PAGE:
As glaciers get smaller, though, that water supply to rivers like the Indus will likely dwindle, says Michele Koppes, a climate scientist at the University of British Columbia in Vancouver, who was not involved in the report. “Glaciers and snowpack are like big storage banks of water,” she says. That water can be released slowly over seasons, decades, or even hundreds of years as the glaciers and snowpack melt. But climate change is forcing the melt to happen faster than it used to—so it is “drawing on their storage tanks,” she says, leaving the communities and ecological systems that rely on that water vulnerable.

Changes to the glaciers also has another effect, says Sudeep Thakuri, a glaciologist at Tribhuvan University in Kathmandu who was not involved in the report: More melt means more water pools in lakes on top of the glaciers or at their lower snouts. Since 1977, he and colleagues found, the number of glacial lakes across the Nepal Himalaya has more than doubled.

But those lakes are often growing so fast and hold so much water that they can—and have—burst through the rockpiles holding them back, resulting in devastating outburst floods.

And as steep slopes that had been locked in place by frozen soils have thawed, rockfalls, collapsing terrains, and avalanches have become more common.

Since the 1980s, the changing climate conditions have driven an uptick in the disaster risk in the region, the report says, which will ramp up in the future.

Time for action

The science, in many cases, is still catching up to the lived experiences of the millions of mountain residents. In 2007, an IPCC global assessment report highlighted the dearth of scientific knowledge about exactly how climate had already and would continue to impact the critical, iconic, vast region in the future. At first, the panel suggested that the glaciers in the region would disappear completely by 2035. Glaciologists who knew the region pushed back—the situation was much more complex, they knew. But “what was clear was that we didn’t have enough robust scientific research to say what was possible,” says Shrestha. “Of course, we knew they were shrinking, but we didn’t know how much.”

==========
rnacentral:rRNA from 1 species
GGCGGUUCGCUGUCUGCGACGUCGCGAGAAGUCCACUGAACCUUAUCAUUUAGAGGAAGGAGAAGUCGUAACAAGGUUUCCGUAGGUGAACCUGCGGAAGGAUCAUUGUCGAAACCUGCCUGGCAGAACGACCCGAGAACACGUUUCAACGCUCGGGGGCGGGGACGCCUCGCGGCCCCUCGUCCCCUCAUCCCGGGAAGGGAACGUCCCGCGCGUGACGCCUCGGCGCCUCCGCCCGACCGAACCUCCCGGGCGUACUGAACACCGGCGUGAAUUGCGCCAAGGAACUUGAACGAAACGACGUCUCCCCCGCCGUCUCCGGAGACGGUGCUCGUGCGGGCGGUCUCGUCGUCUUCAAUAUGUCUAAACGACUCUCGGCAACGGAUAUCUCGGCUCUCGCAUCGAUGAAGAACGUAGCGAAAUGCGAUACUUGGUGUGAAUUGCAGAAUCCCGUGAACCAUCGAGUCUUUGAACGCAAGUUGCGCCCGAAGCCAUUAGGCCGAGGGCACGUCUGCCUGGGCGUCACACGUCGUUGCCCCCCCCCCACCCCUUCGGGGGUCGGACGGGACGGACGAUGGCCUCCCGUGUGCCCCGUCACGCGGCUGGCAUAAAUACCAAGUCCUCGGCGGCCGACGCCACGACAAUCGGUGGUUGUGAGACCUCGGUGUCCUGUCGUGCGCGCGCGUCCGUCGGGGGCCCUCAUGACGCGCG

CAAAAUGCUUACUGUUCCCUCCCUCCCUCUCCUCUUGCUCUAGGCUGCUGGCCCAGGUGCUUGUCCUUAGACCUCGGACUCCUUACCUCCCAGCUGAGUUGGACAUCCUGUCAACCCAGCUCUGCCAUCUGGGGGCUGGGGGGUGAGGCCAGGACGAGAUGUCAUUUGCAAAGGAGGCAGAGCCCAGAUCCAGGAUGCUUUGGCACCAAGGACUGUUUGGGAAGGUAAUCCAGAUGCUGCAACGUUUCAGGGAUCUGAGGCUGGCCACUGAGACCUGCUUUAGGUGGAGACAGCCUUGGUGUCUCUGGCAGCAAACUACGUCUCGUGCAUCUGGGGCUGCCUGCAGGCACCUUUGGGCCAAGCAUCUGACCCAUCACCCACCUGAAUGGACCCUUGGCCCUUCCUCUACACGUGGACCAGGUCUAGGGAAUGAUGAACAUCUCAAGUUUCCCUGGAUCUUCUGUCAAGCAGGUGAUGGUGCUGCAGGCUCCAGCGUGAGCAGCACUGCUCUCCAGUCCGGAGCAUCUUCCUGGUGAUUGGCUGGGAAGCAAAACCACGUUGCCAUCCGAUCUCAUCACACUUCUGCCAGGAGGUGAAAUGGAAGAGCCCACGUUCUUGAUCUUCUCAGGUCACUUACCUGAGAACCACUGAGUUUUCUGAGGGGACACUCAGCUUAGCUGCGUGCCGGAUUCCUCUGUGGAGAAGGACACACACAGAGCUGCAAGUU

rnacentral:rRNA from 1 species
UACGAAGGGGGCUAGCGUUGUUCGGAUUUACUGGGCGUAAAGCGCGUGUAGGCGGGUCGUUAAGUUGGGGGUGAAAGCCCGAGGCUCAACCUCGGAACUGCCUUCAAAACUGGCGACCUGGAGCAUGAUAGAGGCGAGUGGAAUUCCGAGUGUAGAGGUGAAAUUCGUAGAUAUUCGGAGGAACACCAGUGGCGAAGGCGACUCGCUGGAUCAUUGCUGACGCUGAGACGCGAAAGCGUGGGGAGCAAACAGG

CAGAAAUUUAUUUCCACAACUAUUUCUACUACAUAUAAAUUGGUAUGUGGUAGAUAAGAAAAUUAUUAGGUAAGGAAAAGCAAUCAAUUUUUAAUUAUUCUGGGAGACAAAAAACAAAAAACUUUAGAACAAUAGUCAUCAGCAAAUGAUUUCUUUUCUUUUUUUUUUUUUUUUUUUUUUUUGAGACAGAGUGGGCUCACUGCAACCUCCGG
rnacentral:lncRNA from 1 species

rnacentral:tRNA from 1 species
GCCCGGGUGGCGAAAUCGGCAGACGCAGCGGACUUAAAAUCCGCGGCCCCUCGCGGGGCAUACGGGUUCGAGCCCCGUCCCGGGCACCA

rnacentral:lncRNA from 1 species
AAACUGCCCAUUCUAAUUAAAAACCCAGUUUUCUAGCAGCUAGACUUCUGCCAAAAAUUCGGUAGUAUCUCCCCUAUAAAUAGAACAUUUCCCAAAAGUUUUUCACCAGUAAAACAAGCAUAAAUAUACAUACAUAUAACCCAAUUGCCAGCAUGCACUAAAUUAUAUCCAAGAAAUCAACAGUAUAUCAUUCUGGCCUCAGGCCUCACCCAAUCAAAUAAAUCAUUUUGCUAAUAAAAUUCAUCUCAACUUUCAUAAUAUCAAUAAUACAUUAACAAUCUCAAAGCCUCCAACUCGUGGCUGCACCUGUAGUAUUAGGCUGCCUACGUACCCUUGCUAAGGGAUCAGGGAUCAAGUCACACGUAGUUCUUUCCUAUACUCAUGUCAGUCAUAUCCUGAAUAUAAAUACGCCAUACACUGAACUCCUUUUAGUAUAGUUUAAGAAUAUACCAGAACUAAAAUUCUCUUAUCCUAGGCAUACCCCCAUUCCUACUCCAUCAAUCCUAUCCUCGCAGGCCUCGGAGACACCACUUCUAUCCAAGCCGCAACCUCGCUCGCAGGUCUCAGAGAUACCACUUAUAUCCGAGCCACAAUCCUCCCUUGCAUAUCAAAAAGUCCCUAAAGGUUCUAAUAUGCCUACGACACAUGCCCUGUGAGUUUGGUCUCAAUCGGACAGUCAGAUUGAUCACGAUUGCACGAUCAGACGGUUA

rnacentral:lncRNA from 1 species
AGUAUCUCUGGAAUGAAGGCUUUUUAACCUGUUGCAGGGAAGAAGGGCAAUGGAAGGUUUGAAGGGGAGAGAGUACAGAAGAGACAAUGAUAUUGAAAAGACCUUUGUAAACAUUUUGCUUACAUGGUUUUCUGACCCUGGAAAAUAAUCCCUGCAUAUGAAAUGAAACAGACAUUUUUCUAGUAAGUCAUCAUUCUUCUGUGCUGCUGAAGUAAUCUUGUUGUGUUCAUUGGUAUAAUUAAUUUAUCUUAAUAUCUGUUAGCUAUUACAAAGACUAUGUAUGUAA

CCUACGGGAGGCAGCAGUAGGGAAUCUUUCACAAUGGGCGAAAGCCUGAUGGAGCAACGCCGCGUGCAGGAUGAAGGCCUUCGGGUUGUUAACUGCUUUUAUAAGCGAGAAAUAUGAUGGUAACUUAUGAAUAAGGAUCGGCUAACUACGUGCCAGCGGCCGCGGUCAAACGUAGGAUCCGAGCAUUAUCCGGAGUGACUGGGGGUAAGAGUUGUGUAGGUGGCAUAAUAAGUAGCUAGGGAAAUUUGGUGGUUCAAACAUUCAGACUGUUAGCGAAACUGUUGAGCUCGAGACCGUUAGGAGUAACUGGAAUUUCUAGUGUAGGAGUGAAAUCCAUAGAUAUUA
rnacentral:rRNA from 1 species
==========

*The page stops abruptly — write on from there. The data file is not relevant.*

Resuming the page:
So the challenge was set, and scientists from around the world dug into the knotty problem. Many of the glaciers of the region are in remote valleys or hard-to-access mountains, complex areas that make it particularly tricky for scientists to figure out how they are changing from satellite imagery. Scientists struggled to find enough good, reliable data across the vast swath of the mountain range.

Now, a coherent picture has emerged. And what it shows is a region that will face enormous challenges in the coming years, says Wester. The region, with its millions of residents and important resources for the downstream neighbors, has not gotten the international attention it deserves, he says.

“We know enough now to take action,” Wester says. “We can’t hide behind an excuse that we don’t have the data, that there’s more research needed—now, we have 650 pages of assessment. 210 people came together for three years to look at this carefully. We know this is going to be tough, and we know enough to take action.”